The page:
Normally, you need a distinctive first name not to need a last name, but in this—as in everything that he did—Steve Jobs was different. He was always just “Steve.”
In the personal-computing business—which moved from the bulky Apple II to the sleek and intelligent iPhone 4S (announced the day before Steve’s death)—Steve was the only true showman of what is now one of the world’s biggest industries. He inspired broad public enthusiasm for the quality of his products and his personal charisma. (Others have become “business” leaders, but only Steve became someone known and admired by millions—including the Romanian waiter at the British Airways lounge where I am sitting now.)
I first met Steve back in 1979 or 1980, at Ben Rosen's Personal Computer Forum. For some reason, it was held at the Playboy Resort in Lake Geneva (never again!). Regis McKenna, Apple’s public-relations agent for many years, set up the meeting. As I recall, the three of us sipped Diet Cokes, served by a Playboy bunny. Even then, as a world traveler who had spent serious time in India, Steve had a better sense of the world outside educated, middle-class America than most techies.
I’ll always remember his impact at PC Forum, which I later bought and ran from 1982 to 2007. He came many times in the mid-1980s and ‘90s. The rivalry between him and almost everyone in the industry was bitter. He and Apple were considered arrogant loners; they didn’t play nicely with others. (And, yes, he was occasionally rude to me as well, when I failed to earn his approval for one reason or another. That includes my last email from him, in September 2010, in which he called a particular app I had introduced to him "really ... crummy.")
Nonetheless, 30 or so years ago, a number of us gathered in a hotel suite to watch him being interviewed on television by Larry King. As he talked, compelling as ever, the mood in the room changed. He was no longer our competitor inside our market; he was one of us, outside in a bigger, alien world, explaining our immature little industry and products to a much broader public than we could ever reach—or influence—on our own. Our small industry had lots of its own stars, but only Steve had the charm and eloquence to be a star to the outside world. We cheered as he explained—in eloquent, simple terms, speaking for all of us—the effect that personal computers could have on people’s lives.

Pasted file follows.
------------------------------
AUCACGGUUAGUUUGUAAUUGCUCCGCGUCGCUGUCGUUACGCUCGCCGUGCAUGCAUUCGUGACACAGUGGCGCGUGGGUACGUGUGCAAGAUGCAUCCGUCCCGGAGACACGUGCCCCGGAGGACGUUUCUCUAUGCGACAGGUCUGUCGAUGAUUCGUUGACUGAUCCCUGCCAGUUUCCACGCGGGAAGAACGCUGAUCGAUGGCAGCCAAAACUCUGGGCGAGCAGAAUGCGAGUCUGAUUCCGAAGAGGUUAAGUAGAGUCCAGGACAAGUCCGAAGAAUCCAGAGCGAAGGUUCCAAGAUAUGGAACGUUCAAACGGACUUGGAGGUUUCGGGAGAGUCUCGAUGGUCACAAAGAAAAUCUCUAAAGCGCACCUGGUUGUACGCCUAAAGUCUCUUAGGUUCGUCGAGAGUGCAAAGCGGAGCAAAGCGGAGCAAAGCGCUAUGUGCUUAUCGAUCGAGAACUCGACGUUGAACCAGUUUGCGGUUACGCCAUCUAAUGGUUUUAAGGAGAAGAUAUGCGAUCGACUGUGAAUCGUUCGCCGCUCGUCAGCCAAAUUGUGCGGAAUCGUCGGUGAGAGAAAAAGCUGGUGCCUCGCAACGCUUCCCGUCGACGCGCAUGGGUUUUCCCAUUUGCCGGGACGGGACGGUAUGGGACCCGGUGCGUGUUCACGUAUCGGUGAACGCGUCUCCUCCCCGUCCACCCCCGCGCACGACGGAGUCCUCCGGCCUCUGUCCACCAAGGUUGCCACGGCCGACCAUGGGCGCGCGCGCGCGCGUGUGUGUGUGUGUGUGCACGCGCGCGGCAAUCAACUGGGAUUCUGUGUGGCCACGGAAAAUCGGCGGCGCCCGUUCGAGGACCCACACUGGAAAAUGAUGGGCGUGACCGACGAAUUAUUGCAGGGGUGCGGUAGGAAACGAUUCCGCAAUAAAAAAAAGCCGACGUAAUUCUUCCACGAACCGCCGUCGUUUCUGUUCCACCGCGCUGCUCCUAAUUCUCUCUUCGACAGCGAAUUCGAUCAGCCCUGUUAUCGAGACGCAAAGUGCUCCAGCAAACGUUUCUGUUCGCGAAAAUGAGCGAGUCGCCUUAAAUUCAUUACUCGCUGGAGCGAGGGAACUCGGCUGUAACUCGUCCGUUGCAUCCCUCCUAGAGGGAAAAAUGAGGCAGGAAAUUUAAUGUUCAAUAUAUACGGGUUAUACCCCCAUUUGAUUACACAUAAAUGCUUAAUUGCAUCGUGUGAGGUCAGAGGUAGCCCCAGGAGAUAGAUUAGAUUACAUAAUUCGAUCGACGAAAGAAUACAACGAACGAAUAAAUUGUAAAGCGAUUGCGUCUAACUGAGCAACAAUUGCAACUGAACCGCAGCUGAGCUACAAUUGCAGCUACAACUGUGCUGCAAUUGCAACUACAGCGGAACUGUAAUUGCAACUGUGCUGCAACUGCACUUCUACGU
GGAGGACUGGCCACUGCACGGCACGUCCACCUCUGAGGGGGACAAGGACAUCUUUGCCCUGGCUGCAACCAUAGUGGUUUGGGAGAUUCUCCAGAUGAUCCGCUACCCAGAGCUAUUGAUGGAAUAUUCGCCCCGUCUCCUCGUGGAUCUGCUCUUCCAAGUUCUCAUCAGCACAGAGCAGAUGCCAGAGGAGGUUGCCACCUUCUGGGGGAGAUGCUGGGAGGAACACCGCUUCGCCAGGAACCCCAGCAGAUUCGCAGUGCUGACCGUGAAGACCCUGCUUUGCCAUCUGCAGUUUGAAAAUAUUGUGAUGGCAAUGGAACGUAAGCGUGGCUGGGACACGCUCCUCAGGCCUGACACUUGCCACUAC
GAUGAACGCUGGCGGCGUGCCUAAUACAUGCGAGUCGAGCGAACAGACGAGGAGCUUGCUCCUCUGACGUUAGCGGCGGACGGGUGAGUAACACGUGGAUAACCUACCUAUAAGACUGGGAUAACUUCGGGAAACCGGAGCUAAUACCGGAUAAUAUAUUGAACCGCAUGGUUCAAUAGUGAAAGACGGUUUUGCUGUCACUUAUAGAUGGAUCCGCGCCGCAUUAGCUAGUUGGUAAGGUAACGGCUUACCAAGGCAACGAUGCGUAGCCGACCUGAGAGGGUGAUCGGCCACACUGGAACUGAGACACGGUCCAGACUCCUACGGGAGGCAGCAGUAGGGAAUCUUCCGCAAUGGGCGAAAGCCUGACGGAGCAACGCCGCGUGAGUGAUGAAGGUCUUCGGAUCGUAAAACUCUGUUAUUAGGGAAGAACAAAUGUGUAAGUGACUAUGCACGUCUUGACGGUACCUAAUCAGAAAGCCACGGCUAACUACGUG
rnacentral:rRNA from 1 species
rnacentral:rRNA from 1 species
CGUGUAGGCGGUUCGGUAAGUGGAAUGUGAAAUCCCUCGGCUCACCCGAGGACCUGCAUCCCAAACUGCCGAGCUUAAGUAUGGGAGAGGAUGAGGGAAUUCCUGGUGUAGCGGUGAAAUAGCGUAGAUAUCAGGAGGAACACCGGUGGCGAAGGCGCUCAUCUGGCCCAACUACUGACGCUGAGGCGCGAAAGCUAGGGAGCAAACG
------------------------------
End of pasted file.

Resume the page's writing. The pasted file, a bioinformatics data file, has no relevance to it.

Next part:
On the business side, he built a unique company, despite his own period in exile from Apple while a series of missteps almost destroyed the organization that he had built. In a world where people genuflect to the creed of “open systems” (and sometimes actually practice it), Steve insisted on being closed in order to control and deliver a unified, coherent experience to consumers. His obsession with detail was legendary.
His company reflects that singularity of focus. Apple still controls what apps you can buy, what content you can see, and most other aspects of the products that it sells. Despite its range of products, Apple has a single design team and centralized management, and has made only a few acquisitions over the years, most notably Siri, the source of much of the intelligence inside the newest iPhone. Apple’s goal has never been to amass market share, but rather to attract customers one by one through the singular appeal of its products.
But in the end, the point isn’t a battle over strategies. Openness is great, and a strategy I normally applaud: No single vendor is likely to be the best, so openness allows a broad range of suppliers to compete and differentiate so the best can emerge. The closed strategy makes sense only if you are the best. That is what Steve was.
Read this story at Project Syndicate.